Can Pets Really Help When You’re Feeling Under Pressure?
If you’re a pet-owner, you probably already know that spending time with your beloved Fido, Tiddles or Flopsy bunny can be an excellent natural anxiety remedy when you are feeling upset or under pressure.
Very few humans will greet you with the same unbounded levels of unconditional love and enthusiasm that you get from a dog or cat when you come home at the end of the day.
But can having a pet actually help to reduce stress or mild depression?
There are a number of studies that show that spending time with a pet – particularly cats and dogs – can help to ease anxiety or depression, and even help to improve your physical health.
The first research on pets and mental health was carried out by Psychologist Alan Beck of Purdue University and psychiatrist Aaron Katcher of the University of Pennsylvania in the nineteen eighties.
They measured what happens when someone pets a friendly dog that they know. The study found that the person’s blood pressure dropped, their breathing became more regular, their heart-rate dropped and their muscles relaxed – all of which indicate a reduction in stress levels.
How A Pet Can Help Reduce Stress
Here are the six top ways that spending time with a pet can offer a natural anxiety remedy:
1. Boosts your feel-good hormones (and reduces the stress-induced ones)
Stroking or cuddling a pet triggers the release of serotonin, the body’s feelgood hormone, and oxytocin, which helps to reduce stress. Spending time with a loved pet will also lower your levels of cortisol, helping to make you feel calmer and less stressed.
2. Gives you a reason to get up
If, like many of us, you struggle to get going on a grey day – especially if you are feeling low – having to get up to feed your cat or walk a dog can prove enormously beneficial.
Even if you are sorely tempted to throw the duvet back over your head and stay in bed, a four-legged friend won’t allow it! Having to get up to care for a pet means you are far more likely to start your morning on a positive note, giving you more resilience to cope with whatever the day ahead has in store for you.
3. Gets you out in the open air
Having a reason to go out in the fresh air makes you feel productive and means you will have achieved something, no matter how the rest of your day goes. It’s also a great way of organising your thoughts. When life feels overwhelming, being outside and walking can help to get things back into perspective .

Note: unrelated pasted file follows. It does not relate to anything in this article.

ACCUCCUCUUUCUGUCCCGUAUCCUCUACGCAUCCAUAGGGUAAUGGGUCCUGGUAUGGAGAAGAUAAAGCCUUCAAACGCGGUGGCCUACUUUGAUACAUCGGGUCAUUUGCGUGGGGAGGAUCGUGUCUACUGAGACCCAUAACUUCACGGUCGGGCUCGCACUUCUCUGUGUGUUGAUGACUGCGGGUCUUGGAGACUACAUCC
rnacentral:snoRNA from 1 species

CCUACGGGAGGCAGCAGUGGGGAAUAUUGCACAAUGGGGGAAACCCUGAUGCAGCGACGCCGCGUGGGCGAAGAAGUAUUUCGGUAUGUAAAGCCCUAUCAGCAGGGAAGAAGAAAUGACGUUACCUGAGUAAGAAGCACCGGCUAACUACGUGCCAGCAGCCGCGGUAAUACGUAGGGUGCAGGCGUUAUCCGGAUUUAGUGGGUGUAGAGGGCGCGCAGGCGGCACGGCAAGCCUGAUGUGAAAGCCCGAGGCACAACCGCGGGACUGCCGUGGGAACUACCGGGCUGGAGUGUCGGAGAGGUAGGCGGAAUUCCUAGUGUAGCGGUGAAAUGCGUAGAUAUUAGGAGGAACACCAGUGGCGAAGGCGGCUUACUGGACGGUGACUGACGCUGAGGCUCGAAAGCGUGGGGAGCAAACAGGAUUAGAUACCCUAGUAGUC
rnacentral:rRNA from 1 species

4. Gives you something to think about, other than your own problems
Watching how an animal takes interest in the small things in life – a squirrel up a tree, a bird in the garden or a beam of dancing light on the wall – is a great reminder of how we as humans can take pleasure from things that happen everyday too.
Many people who suffer from stress or anxiety say that they spend too much time ‘inside their own heads’. Spending time focusing on feeding, grooming or exercising a pet can provide a way to break this cycle by providing an external focus.
5. Provides a no-pressure way to chat with other people
For many people with mild anxiety or depression, social situations can add to feelings of stress and worry. Many dog-owners report that the low-key conversations that often occur on a dog-walk, or whilst taking part in animal-related activities, offer social interaction with much less pressure. Just saying ‘hi’ and smiling at another pet-owner can help to lift your mood, without having to sustain a conversation for an extended period.
6. Boosts your physical health
When we feel anxious or stressed, it’s very natural to want to hide away and stay indoors. However, as the website of the mental health charity MIND explains, being physically active is linked to a range of benefits which can help to reduce stress and anxiety. Even low levels of regular physical exercise can help improve sleep, boost your mood and increase energy levels. This means that you are better equipped to manage stress, anxiety or intrusive or racing thoughts by giving your brain something to focus on in difficult times.
Another study in Sweden looked at the health of dog-owning and non dog-owning people between the ages of 40 and 80 over a period of 12 years. The study found that for people who lived alone, owning a dog can decrease their risk of cardiovascular-related death by 36%, compared to single people without a pet. The chances of having a heart attack were also 11% lower.
If your lifestyle means a dog or cat are not an option, don’t worry! An American study on pets and mental health in 2006 found that a group of elderly people who were given a cageful of crickets to look after for eight weeks became less depressed than a control group with nothing to care for. The researchers concluded that the act of looking after a living creature – even crickets! – provided noticeable benefits to peoples’ mental health.
Natural Herbal Remedy for Anxiety
Even with the support of the most loving pet, sometimes we all need a helping hand to break out of a cycle of anxiety or a short-term bout of mild depression. This is where a fully-licensed natural anxiety remedy such as HRI St John’s Wort can help. St John’s Wort is a herbal medicine that has been used for centuries to relieve the symptoms of mild depression and anxiety.
HRI Good Mood™ St John’s Wort provides the strongest daily dose available on the UK market in just two tablets, offering a simple way to help relieve the symptoms of slightly low mood and mild anxiety, based on traditional use.
HRI Good Mood is licensed by the UK regulator under the Traditional Herbal Registration (THR) scheme herbal medicine (Licence Number THR 02231/0002). Always read the patient information leaflet to check for possible contraindications with any medication you are already taking. NB St John’s Wort is not recommended if you are taking the contraceptive pill or HRT as it can stop them working.